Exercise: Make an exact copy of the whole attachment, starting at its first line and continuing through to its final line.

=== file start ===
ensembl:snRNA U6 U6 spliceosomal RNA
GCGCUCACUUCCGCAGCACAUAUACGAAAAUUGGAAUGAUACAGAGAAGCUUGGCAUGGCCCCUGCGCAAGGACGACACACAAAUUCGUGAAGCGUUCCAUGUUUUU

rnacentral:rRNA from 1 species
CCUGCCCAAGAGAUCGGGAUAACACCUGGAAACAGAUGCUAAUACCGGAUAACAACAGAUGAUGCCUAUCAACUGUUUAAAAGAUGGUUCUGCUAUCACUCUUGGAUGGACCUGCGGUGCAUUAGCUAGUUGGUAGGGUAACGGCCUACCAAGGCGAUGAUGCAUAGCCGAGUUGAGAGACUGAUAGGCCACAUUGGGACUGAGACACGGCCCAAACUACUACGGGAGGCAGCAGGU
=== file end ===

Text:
ensembl:snRNA U6 U6 spliceosomal RNA
GCGCUCACUUCCGCAGCACAUAUACGAAAAUUGGAAUGAUACAGAGAAGCUUGGCAUGGCCCCUGCGCAAGGACGACACACAAAUUCGUGAAGCGUUCCAUGUUUUU

rnacentral:rRNA from 1 species
CCUGCCCAAGAGAUCGGGAUAACACCUGGAAACAGAUGCUAAUACCGGAUAACAACAGAUGAUGCCUAUCAACUGUUUAAAAGAUGGUUCUGCUAUCACUCUUGGAUGGACCUGCGGUGCAUUAGCUAGUUGGUAGGGUAACGGCCUACCAAGGCGAUGAUGCAUAGCCGAGUUGAGAGACUGAUAGGCCACAUUGGGACUGAGACACGGCCCAAACUACUACGGGAGGCAGCAGGU